As an alternative to the landfill, some companies now recycle contaminated rock shavings left over from drilling for natural gas.
How leaf-cutter ants and fungus gardens could provide the model for sustainably producing biofuels.
Recent measurements show that the billions of tons of old carbon hidden deep in the earth may release into the atmosphere, greatly accelerating climate change.
Discover how an Ohio artist is repurposing runoff from coalmines to create a variety of rich paint pigments—and draw attention to the state’s polluted waterways.
Last week, scientists and regulators from more than 20 countries gathered in San Francisco to discuss the latest research on flame retardants. The conference lasted four days, but the theme of the meeting was clear from just a few talks: Do we need toxic chemicals to achieve fire safety?
The Supreme Court is hearing a case on a key question: can you patent a human gene?
The building blocks of life on Earth may have originated in space.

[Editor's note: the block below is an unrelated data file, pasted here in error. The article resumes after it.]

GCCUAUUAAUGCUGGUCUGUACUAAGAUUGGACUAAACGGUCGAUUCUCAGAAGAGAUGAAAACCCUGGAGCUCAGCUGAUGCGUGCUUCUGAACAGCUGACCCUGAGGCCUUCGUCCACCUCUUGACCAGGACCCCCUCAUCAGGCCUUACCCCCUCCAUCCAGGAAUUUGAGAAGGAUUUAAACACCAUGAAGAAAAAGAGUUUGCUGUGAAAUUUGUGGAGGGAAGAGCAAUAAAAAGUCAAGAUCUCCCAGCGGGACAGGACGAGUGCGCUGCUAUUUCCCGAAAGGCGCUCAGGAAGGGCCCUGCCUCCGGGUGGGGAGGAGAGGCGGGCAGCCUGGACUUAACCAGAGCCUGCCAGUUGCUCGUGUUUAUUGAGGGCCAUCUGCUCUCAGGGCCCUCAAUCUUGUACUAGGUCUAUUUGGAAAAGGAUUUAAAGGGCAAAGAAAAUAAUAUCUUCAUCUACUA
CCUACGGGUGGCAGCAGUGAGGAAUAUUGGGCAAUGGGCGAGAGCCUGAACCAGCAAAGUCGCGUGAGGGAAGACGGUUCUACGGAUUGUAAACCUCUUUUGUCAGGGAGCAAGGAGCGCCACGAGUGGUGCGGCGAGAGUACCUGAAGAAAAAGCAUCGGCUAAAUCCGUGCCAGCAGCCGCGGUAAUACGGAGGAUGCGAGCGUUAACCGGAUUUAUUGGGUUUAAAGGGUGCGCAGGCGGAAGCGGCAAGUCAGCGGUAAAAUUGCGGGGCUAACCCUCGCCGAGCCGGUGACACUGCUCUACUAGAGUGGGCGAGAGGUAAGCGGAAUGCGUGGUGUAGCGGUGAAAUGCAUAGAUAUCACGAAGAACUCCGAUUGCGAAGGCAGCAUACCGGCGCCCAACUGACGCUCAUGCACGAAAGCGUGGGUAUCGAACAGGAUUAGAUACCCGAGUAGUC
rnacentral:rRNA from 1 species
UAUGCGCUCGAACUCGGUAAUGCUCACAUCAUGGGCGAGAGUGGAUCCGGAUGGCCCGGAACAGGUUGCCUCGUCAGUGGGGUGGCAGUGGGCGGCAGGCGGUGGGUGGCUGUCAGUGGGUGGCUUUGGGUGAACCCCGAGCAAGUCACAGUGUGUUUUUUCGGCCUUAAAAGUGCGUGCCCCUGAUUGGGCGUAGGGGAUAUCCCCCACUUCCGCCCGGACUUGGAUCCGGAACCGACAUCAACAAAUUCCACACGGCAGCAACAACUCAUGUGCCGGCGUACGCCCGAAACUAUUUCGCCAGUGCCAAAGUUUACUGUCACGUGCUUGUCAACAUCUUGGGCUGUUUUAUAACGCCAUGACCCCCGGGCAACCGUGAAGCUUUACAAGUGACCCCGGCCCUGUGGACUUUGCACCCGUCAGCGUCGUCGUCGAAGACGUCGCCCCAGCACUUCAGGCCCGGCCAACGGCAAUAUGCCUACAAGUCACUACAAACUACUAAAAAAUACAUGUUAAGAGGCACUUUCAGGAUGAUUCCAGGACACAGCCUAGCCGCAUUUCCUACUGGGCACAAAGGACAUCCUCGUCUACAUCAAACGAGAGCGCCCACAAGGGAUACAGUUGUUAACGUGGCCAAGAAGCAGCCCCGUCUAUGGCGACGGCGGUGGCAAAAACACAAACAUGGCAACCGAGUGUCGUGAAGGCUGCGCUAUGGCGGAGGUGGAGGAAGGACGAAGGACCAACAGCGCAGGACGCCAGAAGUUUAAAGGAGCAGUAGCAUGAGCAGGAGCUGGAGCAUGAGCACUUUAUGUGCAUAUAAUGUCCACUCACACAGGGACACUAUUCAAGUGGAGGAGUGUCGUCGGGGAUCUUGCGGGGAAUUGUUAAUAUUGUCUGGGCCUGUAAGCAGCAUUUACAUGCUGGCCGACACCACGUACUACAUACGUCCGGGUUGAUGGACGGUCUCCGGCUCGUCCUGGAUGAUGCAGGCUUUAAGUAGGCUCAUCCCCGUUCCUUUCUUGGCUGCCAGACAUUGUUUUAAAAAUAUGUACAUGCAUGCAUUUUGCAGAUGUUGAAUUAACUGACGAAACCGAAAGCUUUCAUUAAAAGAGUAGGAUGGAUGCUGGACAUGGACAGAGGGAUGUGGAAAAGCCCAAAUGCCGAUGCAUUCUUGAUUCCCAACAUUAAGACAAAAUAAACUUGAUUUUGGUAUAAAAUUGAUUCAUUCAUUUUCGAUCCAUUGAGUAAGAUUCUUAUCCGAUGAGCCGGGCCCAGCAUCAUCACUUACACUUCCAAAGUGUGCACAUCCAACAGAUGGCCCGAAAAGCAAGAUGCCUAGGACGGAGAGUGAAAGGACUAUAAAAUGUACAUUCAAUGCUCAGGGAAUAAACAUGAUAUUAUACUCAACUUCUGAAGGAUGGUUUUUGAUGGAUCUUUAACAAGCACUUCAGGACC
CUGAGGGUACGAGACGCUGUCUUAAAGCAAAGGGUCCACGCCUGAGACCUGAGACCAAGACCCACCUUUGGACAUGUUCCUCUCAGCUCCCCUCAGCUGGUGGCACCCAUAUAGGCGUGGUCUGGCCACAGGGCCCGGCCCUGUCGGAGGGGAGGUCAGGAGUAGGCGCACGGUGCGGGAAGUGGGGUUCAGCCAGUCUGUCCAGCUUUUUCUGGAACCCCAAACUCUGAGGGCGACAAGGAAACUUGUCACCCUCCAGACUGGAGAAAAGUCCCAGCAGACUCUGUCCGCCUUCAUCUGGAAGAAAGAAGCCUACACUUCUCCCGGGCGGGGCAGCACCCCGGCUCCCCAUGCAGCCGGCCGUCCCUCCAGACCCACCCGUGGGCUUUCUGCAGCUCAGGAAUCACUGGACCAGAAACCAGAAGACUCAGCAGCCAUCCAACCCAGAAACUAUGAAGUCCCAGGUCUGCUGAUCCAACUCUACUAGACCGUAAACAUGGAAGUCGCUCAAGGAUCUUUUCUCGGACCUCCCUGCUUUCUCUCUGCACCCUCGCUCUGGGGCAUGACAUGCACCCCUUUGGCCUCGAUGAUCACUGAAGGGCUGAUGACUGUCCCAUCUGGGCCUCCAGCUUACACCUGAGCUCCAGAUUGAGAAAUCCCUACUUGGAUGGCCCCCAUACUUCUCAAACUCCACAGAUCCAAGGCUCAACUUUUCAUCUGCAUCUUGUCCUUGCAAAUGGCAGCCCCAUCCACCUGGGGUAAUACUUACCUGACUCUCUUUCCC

You should discuss with your doctor or pharmacist whether ingesting grapefruit could cause an unintentional drug overdose. Eating grapefruit or drinking grapefruit juice affects how the body metabolizes certain drugs, and the number of drugs that adversely interact with grapefruit has increased according to new research results.
From the Sacramento-San Joaquin Delta to killer whales, bicycles to cheese — it's been another year of diverse storytelling from the KQED Science and Environment team. Here's a round-up of the top 10 stories shared on our website (based on page views) that you've enjoyed in 2012.
Last June, Gov. Jerry Brown directed state agencies to change California's flammability standard to ensure fire safety without dousing furniture and other foam products with toxic chemicals. Now activists are focusing on an even bigger market for flame retardants: foam insulation in buildings.